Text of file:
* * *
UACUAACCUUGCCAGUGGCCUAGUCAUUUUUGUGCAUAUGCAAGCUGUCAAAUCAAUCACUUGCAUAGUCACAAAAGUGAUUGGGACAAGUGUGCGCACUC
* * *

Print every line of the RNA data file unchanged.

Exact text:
UACUAACCUUGCCAGUGGCCUAGUCAUUUUUGUGCAUAUGCAAGCUGUCAAAUCAAUCACUUGCAUAGUCACAAAAGUGAUUGGGACAAGUGUGCGCACUC